Recently some Spanish for You! students enjoyed a Mexican Restaurant activity with our Viajes curriculum. In the Viajes book there is a lesson that is themed El Restaurante Méxicano (The Mexican Restaurant). Students learned a lot of useful everyday vocabulary, verbs, and grammar within the context of this cultural theme – things like how to say plate, fork, spoon, knife, napkin, cup, as well as Mexican food related words like el taco al pastor (a typical Mexican type of taco made with slow roasted seasoned pork), el flan (custard like dessert), la torta (a Mexican type of sandwich served on a bun), and more. They learned verbs to help them talk about ordering, eating, and paying for food. And they learned grammar to help them talk about liking or not liking foods.
I thought I would post this to provide those of you who might want to have a cultural food day with a step-by-step activity to follow to do it. (It is also on my Curriculum Activities page). You will see that the activity is directly related to my Viajes book (which will become available as a full package in June – lesson 4 in the book is The Mexican Restaurant lesson.); however, you can probably modify the activity to have your own restaurant day. Kids really love sampling Mexican and other foods from Spanish speaking countries. And it is a great way to get them using any Spanish they have been learning.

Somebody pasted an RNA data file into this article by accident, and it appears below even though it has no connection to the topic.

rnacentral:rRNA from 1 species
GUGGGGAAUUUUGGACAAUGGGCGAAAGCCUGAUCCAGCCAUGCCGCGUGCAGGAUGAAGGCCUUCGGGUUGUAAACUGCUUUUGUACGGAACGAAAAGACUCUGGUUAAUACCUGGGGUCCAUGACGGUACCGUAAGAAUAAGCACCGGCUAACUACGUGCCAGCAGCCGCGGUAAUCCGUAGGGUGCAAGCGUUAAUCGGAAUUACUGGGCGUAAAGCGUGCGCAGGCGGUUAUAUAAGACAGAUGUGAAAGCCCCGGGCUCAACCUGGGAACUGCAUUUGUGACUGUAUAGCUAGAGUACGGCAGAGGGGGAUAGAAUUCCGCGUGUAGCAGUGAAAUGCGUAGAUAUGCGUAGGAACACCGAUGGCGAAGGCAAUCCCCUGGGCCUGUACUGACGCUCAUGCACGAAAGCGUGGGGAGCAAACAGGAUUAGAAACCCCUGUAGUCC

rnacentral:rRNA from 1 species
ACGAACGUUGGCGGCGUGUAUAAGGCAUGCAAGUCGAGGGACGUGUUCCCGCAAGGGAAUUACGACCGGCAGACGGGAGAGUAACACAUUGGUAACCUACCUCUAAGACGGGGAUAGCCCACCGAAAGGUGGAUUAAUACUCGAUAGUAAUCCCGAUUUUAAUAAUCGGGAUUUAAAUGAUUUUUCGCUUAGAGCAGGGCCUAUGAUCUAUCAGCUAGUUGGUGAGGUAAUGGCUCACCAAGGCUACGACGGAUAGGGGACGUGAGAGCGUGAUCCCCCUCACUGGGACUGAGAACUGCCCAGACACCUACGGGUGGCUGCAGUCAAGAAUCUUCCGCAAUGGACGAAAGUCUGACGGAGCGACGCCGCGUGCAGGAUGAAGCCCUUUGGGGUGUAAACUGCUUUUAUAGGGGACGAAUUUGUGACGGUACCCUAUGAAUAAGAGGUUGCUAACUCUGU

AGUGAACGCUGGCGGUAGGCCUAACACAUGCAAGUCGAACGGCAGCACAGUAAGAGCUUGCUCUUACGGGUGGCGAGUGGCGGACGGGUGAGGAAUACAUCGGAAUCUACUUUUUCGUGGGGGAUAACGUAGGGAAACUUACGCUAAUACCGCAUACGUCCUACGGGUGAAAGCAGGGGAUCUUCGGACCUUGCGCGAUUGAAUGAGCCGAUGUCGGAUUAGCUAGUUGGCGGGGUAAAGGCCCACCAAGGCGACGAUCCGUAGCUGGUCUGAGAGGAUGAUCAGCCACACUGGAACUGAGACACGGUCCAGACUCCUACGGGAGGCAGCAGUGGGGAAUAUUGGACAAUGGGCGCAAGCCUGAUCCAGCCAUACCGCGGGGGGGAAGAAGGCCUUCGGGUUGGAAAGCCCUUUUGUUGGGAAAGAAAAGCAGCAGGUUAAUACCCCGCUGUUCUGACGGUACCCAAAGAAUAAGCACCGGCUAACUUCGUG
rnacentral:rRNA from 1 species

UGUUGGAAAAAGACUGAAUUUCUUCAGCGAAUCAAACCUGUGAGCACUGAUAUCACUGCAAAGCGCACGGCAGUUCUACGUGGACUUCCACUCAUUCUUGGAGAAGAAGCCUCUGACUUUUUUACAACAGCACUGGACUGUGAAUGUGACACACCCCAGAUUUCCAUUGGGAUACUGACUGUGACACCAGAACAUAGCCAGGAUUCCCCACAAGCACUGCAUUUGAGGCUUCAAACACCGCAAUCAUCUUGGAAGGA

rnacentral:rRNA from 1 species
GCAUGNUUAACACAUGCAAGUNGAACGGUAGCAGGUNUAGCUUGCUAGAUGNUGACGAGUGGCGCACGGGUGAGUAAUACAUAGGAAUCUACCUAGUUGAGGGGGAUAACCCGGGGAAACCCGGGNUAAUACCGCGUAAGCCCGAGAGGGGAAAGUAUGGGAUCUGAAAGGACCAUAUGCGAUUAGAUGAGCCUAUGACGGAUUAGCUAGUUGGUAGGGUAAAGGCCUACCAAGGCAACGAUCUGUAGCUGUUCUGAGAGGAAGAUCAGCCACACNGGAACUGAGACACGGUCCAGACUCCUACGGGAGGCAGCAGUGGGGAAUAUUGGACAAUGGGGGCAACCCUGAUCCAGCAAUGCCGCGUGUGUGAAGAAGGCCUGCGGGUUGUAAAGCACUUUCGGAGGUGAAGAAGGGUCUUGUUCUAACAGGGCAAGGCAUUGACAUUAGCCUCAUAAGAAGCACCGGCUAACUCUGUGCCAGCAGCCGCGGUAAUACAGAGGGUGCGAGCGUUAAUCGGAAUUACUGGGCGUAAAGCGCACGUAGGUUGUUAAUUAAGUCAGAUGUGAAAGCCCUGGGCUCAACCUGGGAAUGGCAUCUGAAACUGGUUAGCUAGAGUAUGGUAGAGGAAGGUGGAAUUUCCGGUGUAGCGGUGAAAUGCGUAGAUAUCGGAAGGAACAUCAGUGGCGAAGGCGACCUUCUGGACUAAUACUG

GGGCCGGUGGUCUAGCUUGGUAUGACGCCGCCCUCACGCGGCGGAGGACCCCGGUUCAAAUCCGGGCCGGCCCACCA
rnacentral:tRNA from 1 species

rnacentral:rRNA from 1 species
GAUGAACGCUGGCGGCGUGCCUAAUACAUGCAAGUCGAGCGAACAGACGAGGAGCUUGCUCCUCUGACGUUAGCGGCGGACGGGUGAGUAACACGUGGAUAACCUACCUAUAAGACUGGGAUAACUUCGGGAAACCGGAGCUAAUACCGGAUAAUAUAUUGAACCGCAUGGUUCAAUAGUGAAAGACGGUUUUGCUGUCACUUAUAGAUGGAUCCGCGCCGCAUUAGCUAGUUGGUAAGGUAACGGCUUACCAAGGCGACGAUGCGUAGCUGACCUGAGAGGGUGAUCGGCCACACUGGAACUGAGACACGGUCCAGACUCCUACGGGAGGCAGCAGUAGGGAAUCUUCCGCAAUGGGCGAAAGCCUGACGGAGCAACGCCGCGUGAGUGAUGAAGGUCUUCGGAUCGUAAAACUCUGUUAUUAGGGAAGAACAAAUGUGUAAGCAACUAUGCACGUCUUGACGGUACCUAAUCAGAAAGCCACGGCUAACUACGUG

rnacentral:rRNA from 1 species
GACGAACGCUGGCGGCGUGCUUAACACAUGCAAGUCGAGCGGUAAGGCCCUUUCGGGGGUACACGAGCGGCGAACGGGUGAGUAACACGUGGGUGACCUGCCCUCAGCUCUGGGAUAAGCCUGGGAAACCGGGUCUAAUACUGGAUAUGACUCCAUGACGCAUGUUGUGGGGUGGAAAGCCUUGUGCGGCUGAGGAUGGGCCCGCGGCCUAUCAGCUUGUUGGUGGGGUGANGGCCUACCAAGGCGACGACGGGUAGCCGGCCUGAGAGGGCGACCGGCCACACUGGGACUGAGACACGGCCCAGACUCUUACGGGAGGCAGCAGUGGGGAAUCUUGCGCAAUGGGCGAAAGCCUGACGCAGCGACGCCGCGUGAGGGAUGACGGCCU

When I do this activity, I encourage students to use many of the Common Words and Phrases they have learned that are found in all the Spanish for You! books as well as things they have been learning in the various lessons of their books. Their conversations don’t have to be perfect, you just need to encourage them to talk, ask and answer questions to each other using things they have learned so far. And when students try to say things they have not yet learned, I just remind them to use what they know. I tell them “Pretend you are talking to someone who knows no English, you have no dictionary with you, and all you can do is say what you know”. It is hard and a bit awkward, but that is ok! They just need to get a feel for conversing, no matter how rudimentary the conversations are.
So, maybe you would like to have a restaurant/food day. Go for it! The kids will love it!!
(The food below consisted of el flan, los frijoles (beans), el pollo (chicken), el queso (cheese), la lechuga (lettuce), los tomates (tomatoes), el pan (bread), and las tortillas. These items were used to make tacos and tortas, and the flan was for dessert.)